Basecamp Research Just Raised $20 Million To Build A Database Of All Life

Earlier this year I was in Borneo, the third largest island in the world and Southeast Asia’s biodiversity hotspot. Borneo’s rainforest is estimated to be around 140 million years old – one of the oldest rainforests in the world that is home to many species which cannot be found anywhere else on our planet. The biodiversity of the island holds many secrets that scientists are just beginning to uncover through bioprospecting: meticulous sampling, sequencing, and cataloging of the millions of species that reside in these untouched ecosystems. The potential cancer cures, novel antibiotics, and molecules with anti-aging properties may be out there – they just haven’t been discovered yet.

With advances in biotechnology, we can now easily sample the genetic sequences of thousands of plants, animals, and microbes. Sequencing of DNA from different organisms has revealed a whole palette of proteins and enzymes that can perform countless functions from making sustainable materials, flavors, and fragrances to developing novel medicines. The field of synthetic biology, which has exploded in the last decade, relies on finding proteins with specific characteristics – like making a fluffier egg white or a sweeter flavor. But how do scientists find those proteins? They usually turn to databases of natural sequences for inspiration. The chances are – whatever you are looking for, nature has already created. But the success of finding it depends on how rich and diverse the data is.

This is why biodiversity could be a big business. But it is fraught with controversy: profiting from nature’s riches has historically been associated with exploitative practices dating back to the colonial period. From quinine used to treat malaria to neem, which made for an infamous revoked patent case, active ingredients found in plants are often identified from the knowledge of Indigenous cultures and extracted from the resources that belong to those communities. In the age of biotechnology, genetic sequences have become an equally valuable commodity, raising concerns of digital biopiracy that may be even harder to trace than the use of physical plant material. The big question is: how can we tap into the biological diversity of our planet without taking advantage of Indigenous communities or disrupting ecosystems?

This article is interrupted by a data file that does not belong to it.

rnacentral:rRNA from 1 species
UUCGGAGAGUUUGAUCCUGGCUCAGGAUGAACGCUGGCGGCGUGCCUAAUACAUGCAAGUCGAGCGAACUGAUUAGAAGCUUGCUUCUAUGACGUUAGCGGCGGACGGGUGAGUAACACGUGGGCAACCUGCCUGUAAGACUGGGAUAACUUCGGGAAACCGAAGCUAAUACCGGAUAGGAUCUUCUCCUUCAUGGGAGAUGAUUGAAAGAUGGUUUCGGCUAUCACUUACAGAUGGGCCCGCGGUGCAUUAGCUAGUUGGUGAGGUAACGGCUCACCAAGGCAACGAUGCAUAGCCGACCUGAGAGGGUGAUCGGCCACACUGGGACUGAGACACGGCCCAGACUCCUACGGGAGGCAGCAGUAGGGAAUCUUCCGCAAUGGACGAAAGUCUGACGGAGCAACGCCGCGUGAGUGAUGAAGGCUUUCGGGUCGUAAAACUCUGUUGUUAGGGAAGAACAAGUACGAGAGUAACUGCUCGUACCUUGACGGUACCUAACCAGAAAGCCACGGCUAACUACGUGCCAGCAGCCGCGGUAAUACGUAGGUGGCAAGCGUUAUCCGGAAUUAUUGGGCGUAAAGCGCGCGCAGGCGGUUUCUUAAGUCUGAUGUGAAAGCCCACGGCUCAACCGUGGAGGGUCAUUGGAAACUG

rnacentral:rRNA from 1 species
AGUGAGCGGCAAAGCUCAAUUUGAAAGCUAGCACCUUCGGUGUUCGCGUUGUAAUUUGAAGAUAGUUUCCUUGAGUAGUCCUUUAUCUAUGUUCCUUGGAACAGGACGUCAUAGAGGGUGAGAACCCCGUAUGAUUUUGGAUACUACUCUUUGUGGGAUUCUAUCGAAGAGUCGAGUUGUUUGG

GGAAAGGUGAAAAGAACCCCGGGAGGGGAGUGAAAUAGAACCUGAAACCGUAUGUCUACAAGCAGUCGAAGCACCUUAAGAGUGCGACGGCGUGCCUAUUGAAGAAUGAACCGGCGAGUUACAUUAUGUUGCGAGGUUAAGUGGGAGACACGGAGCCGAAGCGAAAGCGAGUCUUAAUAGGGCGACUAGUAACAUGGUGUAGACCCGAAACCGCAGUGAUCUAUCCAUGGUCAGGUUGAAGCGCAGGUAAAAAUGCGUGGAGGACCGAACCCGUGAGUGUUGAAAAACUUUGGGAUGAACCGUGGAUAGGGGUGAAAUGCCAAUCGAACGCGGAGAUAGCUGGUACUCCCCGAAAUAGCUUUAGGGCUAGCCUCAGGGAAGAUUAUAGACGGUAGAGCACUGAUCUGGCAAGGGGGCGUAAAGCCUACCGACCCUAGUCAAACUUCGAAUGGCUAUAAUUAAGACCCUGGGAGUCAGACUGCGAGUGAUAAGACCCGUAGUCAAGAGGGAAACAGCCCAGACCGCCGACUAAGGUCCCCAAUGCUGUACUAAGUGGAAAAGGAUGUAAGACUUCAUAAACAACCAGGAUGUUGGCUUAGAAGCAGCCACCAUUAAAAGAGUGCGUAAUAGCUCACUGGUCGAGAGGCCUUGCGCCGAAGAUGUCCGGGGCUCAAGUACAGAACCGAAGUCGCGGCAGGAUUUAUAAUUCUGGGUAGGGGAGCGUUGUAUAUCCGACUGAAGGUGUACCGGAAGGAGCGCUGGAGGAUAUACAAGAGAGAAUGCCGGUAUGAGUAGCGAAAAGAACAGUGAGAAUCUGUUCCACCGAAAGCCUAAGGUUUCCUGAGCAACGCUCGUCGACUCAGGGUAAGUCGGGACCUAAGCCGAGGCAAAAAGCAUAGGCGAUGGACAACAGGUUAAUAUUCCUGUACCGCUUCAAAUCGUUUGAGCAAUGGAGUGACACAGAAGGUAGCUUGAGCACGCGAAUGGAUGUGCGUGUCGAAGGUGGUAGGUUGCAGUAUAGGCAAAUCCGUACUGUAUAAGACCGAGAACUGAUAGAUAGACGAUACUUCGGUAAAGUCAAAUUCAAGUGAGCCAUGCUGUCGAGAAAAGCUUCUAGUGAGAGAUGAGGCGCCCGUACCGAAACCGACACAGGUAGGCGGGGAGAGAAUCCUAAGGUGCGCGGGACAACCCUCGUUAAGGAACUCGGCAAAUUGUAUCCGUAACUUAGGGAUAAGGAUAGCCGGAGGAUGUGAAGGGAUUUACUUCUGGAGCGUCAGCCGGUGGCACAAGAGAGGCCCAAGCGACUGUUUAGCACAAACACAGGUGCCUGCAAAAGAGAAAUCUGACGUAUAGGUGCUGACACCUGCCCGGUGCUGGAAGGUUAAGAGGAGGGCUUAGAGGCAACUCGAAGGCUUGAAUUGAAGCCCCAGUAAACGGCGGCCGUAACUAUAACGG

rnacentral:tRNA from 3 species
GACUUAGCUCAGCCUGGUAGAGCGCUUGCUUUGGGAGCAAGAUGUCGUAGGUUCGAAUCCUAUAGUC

Basecamp Research, a London-based biotech company, is working to solve this quandary. With a mission to reconnect biotechnology with biodiversity, they are building the world’s largest database of natural DNA sequences that is entirely ethically sourced. This week, Basecamp Research announced that they have raised $20 million in Series A funding [KT1] led by climate investor Systemiq Capital, bringing the company’s total funding to $30 million. The Basecamp team is working around the world to establish partnerships with local communities to gather and protect biological data, as well as to make it easier for synthetic biology companies to gain access to valuable genetic information which can help them develop new sustainable products.

Nature outsmarts scientists

Synthetic biologists today are engineering new catalytic enzymes and therapeutic proteins using advanced tools like artificial intelligence. But a machine learning model is only as good as the data it is trained on. The company’s co-founders, Glen Gowers and Oliver Vince, understand this limitation better than anyone else. While getting their PhDs in synthetic biology and bioengineering, they both spent considerable time trying to improve enzymes using cutting-edge protein engineering tools, only to be humbled by finding out that a better version was already available in nature.